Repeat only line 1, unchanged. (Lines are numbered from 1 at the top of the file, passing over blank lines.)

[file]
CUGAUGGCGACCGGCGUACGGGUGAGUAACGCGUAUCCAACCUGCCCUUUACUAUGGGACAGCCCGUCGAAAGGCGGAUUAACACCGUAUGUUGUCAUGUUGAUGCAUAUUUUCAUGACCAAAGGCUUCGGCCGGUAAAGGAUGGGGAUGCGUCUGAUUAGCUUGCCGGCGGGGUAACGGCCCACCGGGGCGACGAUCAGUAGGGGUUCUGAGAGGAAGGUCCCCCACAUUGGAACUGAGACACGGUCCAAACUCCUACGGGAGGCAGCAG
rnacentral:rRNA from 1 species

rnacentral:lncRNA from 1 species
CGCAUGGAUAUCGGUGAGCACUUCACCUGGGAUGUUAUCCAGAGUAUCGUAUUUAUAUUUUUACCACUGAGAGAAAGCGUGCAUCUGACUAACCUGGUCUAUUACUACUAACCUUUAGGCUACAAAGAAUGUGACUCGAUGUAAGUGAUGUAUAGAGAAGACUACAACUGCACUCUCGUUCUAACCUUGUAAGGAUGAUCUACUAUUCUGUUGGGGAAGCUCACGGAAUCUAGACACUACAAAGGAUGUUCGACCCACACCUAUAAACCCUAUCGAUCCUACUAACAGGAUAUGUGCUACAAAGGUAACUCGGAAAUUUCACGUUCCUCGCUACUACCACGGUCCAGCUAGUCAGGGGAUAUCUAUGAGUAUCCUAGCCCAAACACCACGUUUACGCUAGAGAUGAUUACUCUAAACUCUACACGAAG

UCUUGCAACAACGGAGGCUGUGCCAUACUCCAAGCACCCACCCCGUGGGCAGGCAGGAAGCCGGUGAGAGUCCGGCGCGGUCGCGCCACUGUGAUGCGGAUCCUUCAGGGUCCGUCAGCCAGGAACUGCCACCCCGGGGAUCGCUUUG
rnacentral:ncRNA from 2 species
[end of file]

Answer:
CUGAUGGCGACCGGCGUACGGGUGAGUAACGCGUAUCCAACCUGCCCUUUACUAUGGGACAGCCCGUCGAAAGGCGGAUUAACACCGUAUGUUGUCAUGUUGAUGCAUAUUUUCAUGACCAAAGGCUUCGGCCGGUAAAGGAUGGGGAUGCGUCUGAUUAGCUUGCCGGCGGGGUAACGGCCCACCGGGGCGACGAUCAGUAGGGGUUCUGAGAGGAAGGUCCCCCACAUUGGAACUGAGACACGGUCCAAACUCCUACGGGAGGCAGCAG